The procurement of next-generation assets, such as Rafale fighter jets from France, and the integration of weapons on existing and new platforms show the need and inclination of IAF to modernise its inventory. Additionally, the C-295 aircraft deal with Airbus Defence and Space S.A., Spain, and procurement of CH 47 F(I)- Chinook heavy-lift helicopters through the US government’s Foreign Military Sales programme are major inductions in the transport fleet. There is significant progress in air defence capabilities with the induction of new radars and the surface-to-air guided weapon (SAGW) system. The induction of S-400, medium-range surface-to-air missiles (MRSAM), very short-range air defence missiles (VSHORADS), and close-in weapon system (CIWS) will facilitate and empower a layered air defence capability. Further, the Centre for Airborne Systems (CABS), DRDO, has initiated the development of airborne early warning and control (AEW&C) Mk II. The MiG-29, Jaguar, Mirage-2000, and Mi-17 helicopters are being upgraded in a phased manner. Lastly, and more importantly, the IAF is swiftly progressing towards complete network-centric operations, which means communicating information and awareness to the person behind the machine to enable effective and efficient use of this information, and is aiming to improve ISR (Intelligence, Surveillance, and Reconnaissance) to meet future challenges. To reduce the reliance on ground control stations, the IAF now has a dedicated satellite GSAT-7A, a communication satellite that will connect IAF assets like planes, airborne early warning control systems, drones, and ground stations. The satellite is expected to enhance IAF operations and give a major push to drones by improving their range and endurance. The IAF had a project called Modernisation of Airfield Infrastructure (MAFI) on the infrastructure front. Thirty of the airfields have been upgraded into all-weather 24x7 flying capabilities.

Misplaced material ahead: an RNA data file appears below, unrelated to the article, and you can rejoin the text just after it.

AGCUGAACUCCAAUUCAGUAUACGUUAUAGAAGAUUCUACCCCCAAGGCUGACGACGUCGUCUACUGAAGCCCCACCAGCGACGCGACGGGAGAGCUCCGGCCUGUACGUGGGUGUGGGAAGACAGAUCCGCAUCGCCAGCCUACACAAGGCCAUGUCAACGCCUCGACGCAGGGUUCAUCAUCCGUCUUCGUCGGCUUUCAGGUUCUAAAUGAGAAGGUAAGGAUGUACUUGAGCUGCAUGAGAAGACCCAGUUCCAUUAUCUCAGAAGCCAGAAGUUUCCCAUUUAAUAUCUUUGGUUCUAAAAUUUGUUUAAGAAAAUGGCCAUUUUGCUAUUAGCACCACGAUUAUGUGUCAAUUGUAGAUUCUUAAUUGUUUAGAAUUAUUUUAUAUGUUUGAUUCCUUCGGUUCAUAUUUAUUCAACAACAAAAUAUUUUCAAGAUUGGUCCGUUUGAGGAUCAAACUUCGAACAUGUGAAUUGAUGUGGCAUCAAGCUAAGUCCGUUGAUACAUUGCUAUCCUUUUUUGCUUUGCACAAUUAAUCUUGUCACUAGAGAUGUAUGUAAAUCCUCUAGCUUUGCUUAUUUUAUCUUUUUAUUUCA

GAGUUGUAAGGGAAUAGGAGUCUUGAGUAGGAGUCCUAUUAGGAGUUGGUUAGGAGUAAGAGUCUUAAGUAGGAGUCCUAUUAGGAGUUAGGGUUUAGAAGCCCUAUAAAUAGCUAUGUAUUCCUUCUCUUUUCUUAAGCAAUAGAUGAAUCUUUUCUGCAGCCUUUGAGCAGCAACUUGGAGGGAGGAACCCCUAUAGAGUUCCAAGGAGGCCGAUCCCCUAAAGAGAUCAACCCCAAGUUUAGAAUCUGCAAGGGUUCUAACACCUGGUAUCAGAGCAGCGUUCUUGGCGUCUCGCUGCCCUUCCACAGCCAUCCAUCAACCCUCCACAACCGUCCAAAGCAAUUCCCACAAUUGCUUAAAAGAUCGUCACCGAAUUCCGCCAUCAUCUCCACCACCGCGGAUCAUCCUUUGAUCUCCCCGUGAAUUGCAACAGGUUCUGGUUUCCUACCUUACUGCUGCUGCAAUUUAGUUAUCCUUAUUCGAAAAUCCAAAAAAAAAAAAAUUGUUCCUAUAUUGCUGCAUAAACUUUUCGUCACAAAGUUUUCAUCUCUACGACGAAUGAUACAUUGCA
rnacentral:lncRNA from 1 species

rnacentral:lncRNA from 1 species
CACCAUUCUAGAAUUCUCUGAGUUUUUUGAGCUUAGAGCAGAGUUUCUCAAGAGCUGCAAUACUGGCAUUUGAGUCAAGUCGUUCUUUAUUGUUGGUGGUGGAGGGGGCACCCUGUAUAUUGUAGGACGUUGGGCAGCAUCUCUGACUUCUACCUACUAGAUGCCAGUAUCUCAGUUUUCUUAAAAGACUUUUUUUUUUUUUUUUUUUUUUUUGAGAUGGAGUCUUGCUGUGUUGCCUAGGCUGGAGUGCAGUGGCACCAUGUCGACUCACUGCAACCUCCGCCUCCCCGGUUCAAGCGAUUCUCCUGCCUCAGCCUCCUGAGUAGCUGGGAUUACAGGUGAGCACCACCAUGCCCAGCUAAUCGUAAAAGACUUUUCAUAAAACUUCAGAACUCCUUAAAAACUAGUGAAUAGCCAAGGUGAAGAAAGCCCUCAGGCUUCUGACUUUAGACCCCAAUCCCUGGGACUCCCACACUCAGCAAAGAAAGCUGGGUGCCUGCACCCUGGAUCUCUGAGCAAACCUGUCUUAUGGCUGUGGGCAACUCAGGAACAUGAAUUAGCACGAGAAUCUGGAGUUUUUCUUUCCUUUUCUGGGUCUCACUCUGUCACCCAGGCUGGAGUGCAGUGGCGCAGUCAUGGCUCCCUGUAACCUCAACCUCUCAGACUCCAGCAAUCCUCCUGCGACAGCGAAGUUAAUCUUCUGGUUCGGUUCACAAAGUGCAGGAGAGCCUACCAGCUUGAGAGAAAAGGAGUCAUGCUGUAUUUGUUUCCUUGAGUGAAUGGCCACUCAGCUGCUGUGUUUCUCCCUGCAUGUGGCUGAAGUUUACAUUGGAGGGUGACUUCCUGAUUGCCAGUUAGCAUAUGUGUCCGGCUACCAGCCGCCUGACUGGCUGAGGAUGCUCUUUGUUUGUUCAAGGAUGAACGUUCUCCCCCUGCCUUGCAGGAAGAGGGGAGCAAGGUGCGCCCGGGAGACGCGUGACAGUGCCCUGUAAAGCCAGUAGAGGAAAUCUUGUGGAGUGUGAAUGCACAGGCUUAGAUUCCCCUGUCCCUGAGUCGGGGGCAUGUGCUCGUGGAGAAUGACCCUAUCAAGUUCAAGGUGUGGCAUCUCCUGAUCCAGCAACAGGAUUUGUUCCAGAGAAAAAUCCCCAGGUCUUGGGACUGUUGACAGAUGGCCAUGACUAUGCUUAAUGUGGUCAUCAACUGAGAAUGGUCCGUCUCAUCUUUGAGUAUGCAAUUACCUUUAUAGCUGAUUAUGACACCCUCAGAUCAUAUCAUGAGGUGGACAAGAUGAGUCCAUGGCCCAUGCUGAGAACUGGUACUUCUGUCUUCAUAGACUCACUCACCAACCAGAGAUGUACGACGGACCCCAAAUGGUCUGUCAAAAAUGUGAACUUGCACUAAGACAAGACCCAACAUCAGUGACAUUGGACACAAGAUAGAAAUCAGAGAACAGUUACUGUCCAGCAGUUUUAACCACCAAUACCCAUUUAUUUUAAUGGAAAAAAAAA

Lastly, and more importantly, the IAF is swiftly progressing towards complete network-centric operations, which means communicating information and awareness to the person behind the machine to enable effective and efficient use of this information, and is aiming to improve ISR to meet future challenges.